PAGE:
As you may know, for the last few months anoa (Andrew) and APWhiteHat have been working on Dendrite, the next generation Matrix homeserver, written in Go. We asked for an update on their progress, and Andrew provided the blog post below. Serious progress has been made on Dendrite this summer!
Hey everyone, my name is Andrew Morgan and I've been working full-time over the summer on Dendrite, our next-generation Matrix homeserver. Over the last two months, I've seen the project transform from a somewhat functioning toy server to a near-production-ready homeserver that is working towards complete feature support. I've appreciated the thought put into the project since day one, and enjoy the elegance of the multi-component design. Documentation is fairly decent at the moment, but comments are plentiful throughout the codebase, while the code itself tends towards simple and maintainable rather than complex and unmanageable.
Application Service Integration
The main focus of my time here has been on the implementation of application service support for Dendrite. Application services are external programs that act as privileged extensions to a homeserver, allowing such functionality as bots in rooms and bridges to third-party networks. Supporting application services requires a few different bits and pieces to be set up. Currently all planned features have a PR for them, with the bold items already merged:
- Sending events to application services
- Support user masquerading for events
- Support editing event timestamps
- Support room alias querying
- Support user ID querying
- Support third party lookup proxying
Google Summer of Code
I certainly haven't been going at this all on my own. Alongside extensive help from Erik, who's been mentoring me, our resident Google Summer of Code student, APWhiteHat, has been tackling feature after feature in Dendrite wherever he can find them. Application services received a good deal of help on client-server endpoint authentication side, however, APWhiteHat has mostly been focusing on federation and some other very useful pieces. While his GSoC period still has a week or so before its conclusion, he has so far implemented:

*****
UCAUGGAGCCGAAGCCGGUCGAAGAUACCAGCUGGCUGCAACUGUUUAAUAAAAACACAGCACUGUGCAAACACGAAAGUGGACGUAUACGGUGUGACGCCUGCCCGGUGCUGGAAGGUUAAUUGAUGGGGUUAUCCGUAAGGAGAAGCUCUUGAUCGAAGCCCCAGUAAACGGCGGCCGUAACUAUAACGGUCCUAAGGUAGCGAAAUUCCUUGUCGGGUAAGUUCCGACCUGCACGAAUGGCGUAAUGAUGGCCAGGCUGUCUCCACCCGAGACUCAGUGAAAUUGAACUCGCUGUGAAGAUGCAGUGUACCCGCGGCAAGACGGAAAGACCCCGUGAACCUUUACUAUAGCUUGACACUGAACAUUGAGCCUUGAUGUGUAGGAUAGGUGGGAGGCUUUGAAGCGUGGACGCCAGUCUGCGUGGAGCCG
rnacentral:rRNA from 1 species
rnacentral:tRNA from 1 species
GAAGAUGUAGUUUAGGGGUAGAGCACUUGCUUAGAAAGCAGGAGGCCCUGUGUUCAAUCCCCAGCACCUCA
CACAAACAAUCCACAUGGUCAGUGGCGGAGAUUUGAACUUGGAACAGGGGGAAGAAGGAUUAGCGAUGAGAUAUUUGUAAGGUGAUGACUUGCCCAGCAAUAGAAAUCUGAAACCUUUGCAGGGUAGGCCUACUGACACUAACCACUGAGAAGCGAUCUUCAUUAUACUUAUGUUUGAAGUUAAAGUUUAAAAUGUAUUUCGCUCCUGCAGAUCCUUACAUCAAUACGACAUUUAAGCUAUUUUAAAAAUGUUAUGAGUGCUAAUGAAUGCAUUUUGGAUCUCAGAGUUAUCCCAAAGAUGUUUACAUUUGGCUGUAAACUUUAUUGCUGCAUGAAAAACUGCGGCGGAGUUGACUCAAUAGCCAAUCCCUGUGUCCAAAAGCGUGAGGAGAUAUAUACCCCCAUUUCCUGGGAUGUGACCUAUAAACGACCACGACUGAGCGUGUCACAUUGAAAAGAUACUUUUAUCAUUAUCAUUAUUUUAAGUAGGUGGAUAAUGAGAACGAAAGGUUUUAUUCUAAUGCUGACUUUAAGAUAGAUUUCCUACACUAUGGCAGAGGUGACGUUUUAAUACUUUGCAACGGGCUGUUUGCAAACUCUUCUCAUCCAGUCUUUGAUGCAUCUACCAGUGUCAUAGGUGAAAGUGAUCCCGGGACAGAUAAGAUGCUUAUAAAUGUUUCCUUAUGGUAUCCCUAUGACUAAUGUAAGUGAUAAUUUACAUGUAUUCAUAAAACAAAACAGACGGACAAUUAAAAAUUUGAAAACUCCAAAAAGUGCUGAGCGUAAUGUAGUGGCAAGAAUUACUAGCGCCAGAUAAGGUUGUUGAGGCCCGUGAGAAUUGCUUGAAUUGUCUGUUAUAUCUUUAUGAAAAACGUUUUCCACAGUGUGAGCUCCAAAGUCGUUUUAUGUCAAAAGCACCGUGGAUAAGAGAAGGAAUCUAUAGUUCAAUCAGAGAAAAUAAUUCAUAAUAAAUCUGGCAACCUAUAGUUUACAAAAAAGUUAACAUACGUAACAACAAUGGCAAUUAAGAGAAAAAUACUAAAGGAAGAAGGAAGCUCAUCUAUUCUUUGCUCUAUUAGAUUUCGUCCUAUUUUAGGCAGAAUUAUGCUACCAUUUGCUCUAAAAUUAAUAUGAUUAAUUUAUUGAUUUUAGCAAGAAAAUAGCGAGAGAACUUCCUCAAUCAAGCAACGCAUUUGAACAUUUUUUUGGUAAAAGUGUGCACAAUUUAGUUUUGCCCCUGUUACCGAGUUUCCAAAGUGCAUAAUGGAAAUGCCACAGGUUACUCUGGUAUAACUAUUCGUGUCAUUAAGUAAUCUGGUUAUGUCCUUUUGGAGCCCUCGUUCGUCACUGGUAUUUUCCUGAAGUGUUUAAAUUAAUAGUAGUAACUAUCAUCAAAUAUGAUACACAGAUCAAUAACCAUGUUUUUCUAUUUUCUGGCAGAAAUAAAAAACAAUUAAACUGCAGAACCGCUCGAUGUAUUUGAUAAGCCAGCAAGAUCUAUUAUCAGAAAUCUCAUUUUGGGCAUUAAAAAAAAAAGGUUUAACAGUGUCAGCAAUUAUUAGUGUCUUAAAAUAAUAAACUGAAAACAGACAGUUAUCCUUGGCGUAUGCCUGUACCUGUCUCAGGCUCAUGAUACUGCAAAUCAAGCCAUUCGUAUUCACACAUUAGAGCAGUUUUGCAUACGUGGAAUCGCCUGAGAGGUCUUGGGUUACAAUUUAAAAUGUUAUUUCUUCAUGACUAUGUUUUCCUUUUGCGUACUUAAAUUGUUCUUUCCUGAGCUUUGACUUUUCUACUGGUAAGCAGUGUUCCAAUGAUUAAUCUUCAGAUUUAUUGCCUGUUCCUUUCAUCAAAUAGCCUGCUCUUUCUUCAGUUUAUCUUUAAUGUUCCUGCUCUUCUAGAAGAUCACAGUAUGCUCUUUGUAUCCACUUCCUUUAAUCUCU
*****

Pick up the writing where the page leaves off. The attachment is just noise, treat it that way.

- Idempotency to roomserver event processing to prevent duplication
- Username auto generation
- Tokens library based on macaroons
- Lots of left-over federation stuff: state API & get missing events being the major ones
- AS support to clientapi auth
- Typing server: handling of PUT /typing by clientapi
- More typing server stuff on its way
OpenTracing and Prometheus Monitoring
Placing any large server into a production environment requires extensive monitoring capabilities in order to ensure operations are running smoothly. To that effect, Dendrite has been both the addition of OpenTracing and Prometheus support. Prometheus, also used heavily in Synapse, allows a homeserver operator to track a wide range of data including endpoint usage, resource management as well as user statistics over any given range of time.
In Dendrite, we are taking this one step further by introducing OpenTracing, a language and platform-agnostic framework for tracking the journey of an endpoint call from incoming request to outgoing response, with every method, hierarchy change and database call in between. It will be immensely useful in tracking down performance issues, as well as providing insight into the most critical paths throughout the codebase and where we should focus most of our optimization efforts on. It also comes with a lovely dashboard courtesy of Jaeger:
We've also seen some encouraging interest and development work from the community in the past couple months. While PR review from our own side is admittedly slow due to our focus on getting the foundational work in place, that hasn't stopped both old and new developers from sending in PRs and performing code reviews. A huge thank you to everyone involved! From this we've gotten API implementations and application service fixes from @turt2live, an end-to-end encryption implementation from @fadeAce, filtering support from @CromFr, and some PRs and numerous helpful review comments from @krombel.
We've also started to see some people running Dendrite in live environments, which is incredibly exciting for us to see! While Dendrite is not considered production-ready yet (though it moves closer every day), if you are interested in giving it a go please consult the quickstart installation guide. We look forward to any feedback you may have!